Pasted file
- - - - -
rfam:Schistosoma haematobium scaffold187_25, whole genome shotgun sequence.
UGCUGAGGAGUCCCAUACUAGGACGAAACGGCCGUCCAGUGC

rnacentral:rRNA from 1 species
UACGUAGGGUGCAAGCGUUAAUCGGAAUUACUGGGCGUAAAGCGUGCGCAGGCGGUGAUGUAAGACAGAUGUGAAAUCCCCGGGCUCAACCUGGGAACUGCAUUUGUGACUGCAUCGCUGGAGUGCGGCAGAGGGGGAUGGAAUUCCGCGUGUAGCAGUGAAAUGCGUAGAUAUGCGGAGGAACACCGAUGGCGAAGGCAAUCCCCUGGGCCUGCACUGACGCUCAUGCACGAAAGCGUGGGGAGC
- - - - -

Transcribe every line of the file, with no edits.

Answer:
rfam:Schistosoma haematobium scaffold187_25, whole genome shotgun sequence.
UGCUGAGGAGUCCCAUACUAGGACGAAACGGCCGUCCAGUGC

rnacentral:rRNA from 1 species
UACGUAGGGUGCAAGCGUUAAUCGGAAUUACUGGGCGUAAAGCGUGCGCAGGCGGUGAUGUAAGACAGAUGUGAAAUCCCCGGGCUCAACCUGGGAACUGCAUUUGUGACUGCAUCGCUGGAGUGCGGCAGAGGGGGAUGGAAUUCCGCGUGUAGCAGUGAAAUGCGUAGAUAUGCGGAGGAACACCGAUGGCGAAGGCAAUCCCCUGGGCCUGCACUGACGCUCAUGCACGAAAGCGUGGGGAGC